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Garcetti v. Ceballos - 547 U.S. 410, 126 S. Ct. 1951 (2006)


When public employees make statements pursuant to their official duties, the employees are not speaking as citizens for First Amendment purposes, and the United States Constitution does not insulate their communications from employer discipline.


Respondent Ceballos, a supervising deputy district attorney, was asked by defense counsel to review a case in which, counsel claimed, the affidavit police used to obtain a critical search warrant was inaccurate. Concluding after the review that the affidavit made serious misrepresentations, Ceballos relayed his findings to his supervisors, petitioners here, and followed up with a disposition memorandum recommending dismissal. Petitioners nevertheless proceeded with the prosecution. At a hearing on a defense motion to challenge the warrant, Ceballos recounted his observations about the affidavit, but the trial court rejected the challenge. Claiming that petitioners then retaliated against him for his memo in violation of the First and Fourteenth Amendments, Ceballos filed a 42 U.S.C. § 1983 suit. The District Court granted petitioners summary judgment, ruling, inter alia, that the memo was not protected speech because Ceballos wrote it pursuant to his employment duties. Reversing, the Ninth Circuit held that the memo's allegations were protected under the First Amendment.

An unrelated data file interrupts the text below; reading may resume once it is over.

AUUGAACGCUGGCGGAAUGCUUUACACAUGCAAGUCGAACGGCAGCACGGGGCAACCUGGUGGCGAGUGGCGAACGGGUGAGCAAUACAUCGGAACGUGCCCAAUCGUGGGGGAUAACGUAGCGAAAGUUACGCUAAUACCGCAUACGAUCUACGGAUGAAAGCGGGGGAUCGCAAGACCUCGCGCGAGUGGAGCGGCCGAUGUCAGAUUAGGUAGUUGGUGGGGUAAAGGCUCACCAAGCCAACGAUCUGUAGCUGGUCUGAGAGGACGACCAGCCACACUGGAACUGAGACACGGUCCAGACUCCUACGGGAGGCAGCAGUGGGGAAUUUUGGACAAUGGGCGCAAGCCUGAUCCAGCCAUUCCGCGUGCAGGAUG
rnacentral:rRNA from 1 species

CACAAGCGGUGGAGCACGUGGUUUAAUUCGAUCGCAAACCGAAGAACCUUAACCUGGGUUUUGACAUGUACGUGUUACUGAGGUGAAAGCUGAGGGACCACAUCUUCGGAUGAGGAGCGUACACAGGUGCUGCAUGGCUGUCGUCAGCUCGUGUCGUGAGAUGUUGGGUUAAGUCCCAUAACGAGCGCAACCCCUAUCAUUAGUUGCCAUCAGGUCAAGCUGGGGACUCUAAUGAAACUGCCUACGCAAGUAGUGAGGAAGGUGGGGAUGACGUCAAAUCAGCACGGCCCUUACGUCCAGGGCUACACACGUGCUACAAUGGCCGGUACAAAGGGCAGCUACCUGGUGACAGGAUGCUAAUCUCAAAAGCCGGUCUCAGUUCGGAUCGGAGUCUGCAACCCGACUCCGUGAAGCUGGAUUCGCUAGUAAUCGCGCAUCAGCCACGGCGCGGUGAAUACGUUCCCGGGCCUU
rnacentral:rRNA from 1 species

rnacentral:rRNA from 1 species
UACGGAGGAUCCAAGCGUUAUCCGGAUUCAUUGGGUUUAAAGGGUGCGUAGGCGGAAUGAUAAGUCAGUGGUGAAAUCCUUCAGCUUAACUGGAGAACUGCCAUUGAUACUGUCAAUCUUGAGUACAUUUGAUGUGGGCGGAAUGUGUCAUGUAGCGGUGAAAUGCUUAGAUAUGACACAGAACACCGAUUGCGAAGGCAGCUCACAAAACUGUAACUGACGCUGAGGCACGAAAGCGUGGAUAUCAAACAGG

Are Ceballos’ allegations of wrongdoing in a memorandum protected speech under the First Amendment?




The Court determined that the Ceballos’ allegation of unconstitutional retaliation failed because he was not speaking as a citizen for First Amendment purposes since he made the statements pursuant to his official duties. Ceballos did not speak as a citizen by writing a memo that addressed the proper disposition of a pending criminal case. The First Amendment did not prohibit managerial discipline based on the employee's expressions made pursuant to official responsibilities.

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